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Conclusions

2018: Intercultural care and support

Intercultural care and support for people with dementia and their carers should be developed as a means to respond to increasing numbers of people from minority ethnic groups in Europe who have dementia or may develop it in the coming years. This is an ethical and human rights issue, reflecting important principles such as distributive justice, non-discrimination and respect for dignity and autonomy, all of which have an impact on the quality of life of people from minority ethnic groups across Europe.

Throughout this report, we have highlighted key issues which are central to the promotion of care and support in the context of cultural awareness and cultural sensitivity. The provision of intercultural care and support could not be considered as ethical if it did not consider the wellbeing of everyone involved. We have therefore tried to consider the needs, challenges and concerns not only of people with dementia from different ethnic groups but also those of informal and professional carers, including those who may themselves identify with a minority ethnic group.

We hope that this report will encourage greater openness to cultural diversity and an increased awareness of the key issues which need to the addressed if people with dementia and carers from minority ethnic groups are to receive the same quality of care and support as that available to people from majority ethnic groups. In drawing attention to issues that are important to people from one or more specific groups, there is a risk of over-emphasising difference, stereotyping and thereby jeopardising the right of people from all ethnic groups to care and support that is truly person-centred. However, awareness and acceptance of cultural differences does not need to over-shadow awareness of what people from all ethnic groups have in common, and can provide a solid basis from which to explore and understand the needs and wishes of each person (i.e. in his/her own right as a unique individual).

Governments, commissioners, service providers and health and social care professionals in Europe are not all at the same point with regard to developing or providing intercultural care and support and do not all have the same resources. However, in some countries, there are already structures in place, materials, training and consensus about the importance of developing intercultural care and support. In addition to this report and in keeping with the goal to improve intercultural care and support for people with dementia, Alzheimer Europe, its member associations and the expert working group on dementia and minority ethnic groups have developed a simple database which provides details about initiatives and materials related to the provision of intercultural care and support, which have been developed in Europe.  Please see: https://www.alzheimer-europe.org/Ethics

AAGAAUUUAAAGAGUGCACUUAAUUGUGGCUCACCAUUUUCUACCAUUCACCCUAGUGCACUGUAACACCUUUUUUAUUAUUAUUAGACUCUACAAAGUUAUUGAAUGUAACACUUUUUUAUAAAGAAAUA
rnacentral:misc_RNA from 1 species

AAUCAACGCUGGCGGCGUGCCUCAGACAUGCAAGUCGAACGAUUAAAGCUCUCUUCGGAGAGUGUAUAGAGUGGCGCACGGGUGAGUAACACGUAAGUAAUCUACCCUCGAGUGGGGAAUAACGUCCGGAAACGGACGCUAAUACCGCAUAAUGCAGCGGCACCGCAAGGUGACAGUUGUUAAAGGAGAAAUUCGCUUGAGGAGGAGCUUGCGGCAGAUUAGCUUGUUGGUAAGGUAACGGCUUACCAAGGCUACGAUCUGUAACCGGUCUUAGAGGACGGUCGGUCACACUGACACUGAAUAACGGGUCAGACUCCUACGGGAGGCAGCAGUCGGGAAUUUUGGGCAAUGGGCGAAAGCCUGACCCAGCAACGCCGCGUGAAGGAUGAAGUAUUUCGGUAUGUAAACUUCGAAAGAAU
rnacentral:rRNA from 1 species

People from various minority ethnic groups might on the surface seem to share many cultural beliefs, practices and values (e.g. people from the Syrian community living in Denmark and others living in Greece) but their actual needs and wishes may be slightly different. Initiatives and materials developed for one minority ethnic group or for minority ethnic groups in general in a particular country might reflect or respond to certain issues which are unique to particular groups or places. Nevertheless, provided that people from the minority ethnic groups concerned are consulted and involved in their development, initiatives and materials that have been developed, tried and tested in one country for one or more minority ethnic groups, can in many cases be usefully adapted to other groups and situations.

We hope that this report and the above-mentioned database will contribute towards the improvement of intercultural care and support for people with dementia in Europe and we welcome any feedback or details of initiatives and materials from Europe for the database.

 

 
 

Last Updated: Monday 08 April 2019

 

 
  • Acknowledgements

    This report received funding under an operating grant from the European Union’s Health Programme (2014-2020) and from the Robert Bosch Stiftung. The content of the report represents the views of the author only and is his/her sole responsibility; it cannot be considered to reflect the views of the European Commission and/or the Consumers, Health, Agriculture and Food Executive Agency or any other body of the European Union. The European Commission and the Agency do not accept any responsibility for use that may be made of the information it contains
  • European Union
 
 

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